Group says health workers feeling brunt of COVID-19 virus surge, 'losing hope'

Aleta Nieva Nishimori, ABS-CBN News

Posted at Mar 20 2021 09:49 AM | Updated as of Mar 20 2021 05:53 PM

MANILA (UPDATE) - The Filipino Nurses United (FNU) on Saturday said the situation of health care workers now has gotten much worse than at the start of the COVID-19 pandemic as they faced a fresh infection surge that has exceeded single-day case reports from last year's peak.

“It’s much worse. Nakakawala nang pag-asa, wala nang gana. Marami nang nag-abroad, hindi naman natin sila masisisi kasi even throughout the year marami kaming calls pero parang wala namang natugunan 'yung government and ito na naman, mas mataas pa 'yung bilang kaysa sa mga nauna,” said nurse Jaymee de Guzman, FNU's national treasurer.

(It’s much worse. We’re losing hope. Many have left for work abroad and we can’t blame them because throughout the year we’ve made several calls to the government but none of them were addressed, and here we are again, the numbers are way higher than last year.)

The Philippines on Friday had 7,103 new COVID-19 cases, the highest recorded daily tally since the pandemic began a year ago. This raised the country’s total number of infections to 648,066.

“Ramdam namin ang numbers na 'yan. We feel it in the hospital kaso talagang punong-puno na kami, pati mga empleyado nag-positive.

Ironic pa, nung nabakunahan saka pa dumami 'yung positive patients,” De Guzman said.

(We feel those numbers. We feel it in the hospital but we’re full and even employees have tested positive. What’s ironic is that just when the vaccination program started, that’s also the time when the number of positive patients increased.)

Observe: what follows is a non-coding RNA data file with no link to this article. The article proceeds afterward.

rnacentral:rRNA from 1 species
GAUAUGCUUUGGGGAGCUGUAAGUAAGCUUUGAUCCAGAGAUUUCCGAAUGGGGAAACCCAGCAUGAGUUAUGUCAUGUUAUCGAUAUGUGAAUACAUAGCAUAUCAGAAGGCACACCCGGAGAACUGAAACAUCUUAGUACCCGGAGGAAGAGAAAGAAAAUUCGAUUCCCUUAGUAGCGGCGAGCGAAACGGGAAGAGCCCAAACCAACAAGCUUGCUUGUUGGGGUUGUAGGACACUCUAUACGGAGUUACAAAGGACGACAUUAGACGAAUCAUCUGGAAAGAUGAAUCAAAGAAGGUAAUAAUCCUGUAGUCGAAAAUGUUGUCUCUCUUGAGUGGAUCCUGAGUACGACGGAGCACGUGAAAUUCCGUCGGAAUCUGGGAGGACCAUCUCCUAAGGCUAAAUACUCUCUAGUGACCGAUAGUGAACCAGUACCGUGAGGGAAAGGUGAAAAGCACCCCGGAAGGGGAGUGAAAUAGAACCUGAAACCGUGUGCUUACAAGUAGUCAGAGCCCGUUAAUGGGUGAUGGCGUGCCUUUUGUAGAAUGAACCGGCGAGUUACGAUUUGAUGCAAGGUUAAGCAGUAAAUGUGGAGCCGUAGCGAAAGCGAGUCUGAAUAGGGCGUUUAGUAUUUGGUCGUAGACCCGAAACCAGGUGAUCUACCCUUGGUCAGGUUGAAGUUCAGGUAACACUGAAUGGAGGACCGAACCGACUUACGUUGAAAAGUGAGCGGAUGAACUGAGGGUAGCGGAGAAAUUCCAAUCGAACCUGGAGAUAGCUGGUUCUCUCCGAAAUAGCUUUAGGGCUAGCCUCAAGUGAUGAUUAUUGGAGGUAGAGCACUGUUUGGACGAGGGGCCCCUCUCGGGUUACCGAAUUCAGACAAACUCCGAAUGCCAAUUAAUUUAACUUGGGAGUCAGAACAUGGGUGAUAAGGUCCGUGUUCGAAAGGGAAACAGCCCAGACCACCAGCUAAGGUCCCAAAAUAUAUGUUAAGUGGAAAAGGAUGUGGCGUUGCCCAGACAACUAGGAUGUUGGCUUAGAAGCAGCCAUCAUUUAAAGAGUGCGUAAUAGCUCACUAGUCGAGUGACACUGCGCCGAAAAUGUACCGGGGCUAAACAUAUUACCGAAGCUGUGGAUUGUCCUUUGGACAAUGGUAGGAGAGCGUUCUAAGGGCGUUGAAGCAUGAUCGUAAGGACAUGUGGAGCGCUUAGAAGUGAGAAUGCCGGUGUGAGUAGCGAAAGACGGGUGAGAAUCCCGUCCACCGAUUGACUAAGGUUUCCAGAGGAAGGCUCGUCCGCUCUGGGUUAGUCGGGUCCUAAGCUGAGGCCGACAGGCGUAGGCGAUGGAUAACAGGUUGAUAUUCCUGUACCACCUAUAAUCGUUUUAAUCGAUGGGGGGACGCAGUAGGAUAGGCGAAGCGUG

De Guzman said they are experiencing again a shortage in personal protective equipment like face shields, and also confronting understaffing issues as many have decided to leave for work abroad and others have tested positive for the virus. 

They have also yet to receive benefits promised to them by the government.

“Mas harder sa amin, so walang motivation talaga nakaka-demoralize. Kahit with a heavy heart at pagod na katawan namin, we continue to serve,” she added.

(It’s much harder on us, there’s no motivation and we're really demoralized. But even with a heavy heart and we're very tired, we continue to serve.)

The surge came as the country rolled out its vaccination program, which prioritizes medical frontliners.

To date, nearly 241,000 out of the 1.7 million health workers have been vaccinated. The country aims to inoculate 70 million or two-thirds of its population by yearend to achieve herd immunity. 

The OCTA Research Group earlier recommended a stricter general community quarantine to address the COVID-19 surge. FNU, meanwhile, said it was not calling for a "timeout"– an appeal for stricter quarantine to prevent further infections and give health workers a breather— despite the virus surge. 

At the height of virus cases in August last year, medical workers made such call as the country's health system struggled to respond to the surge.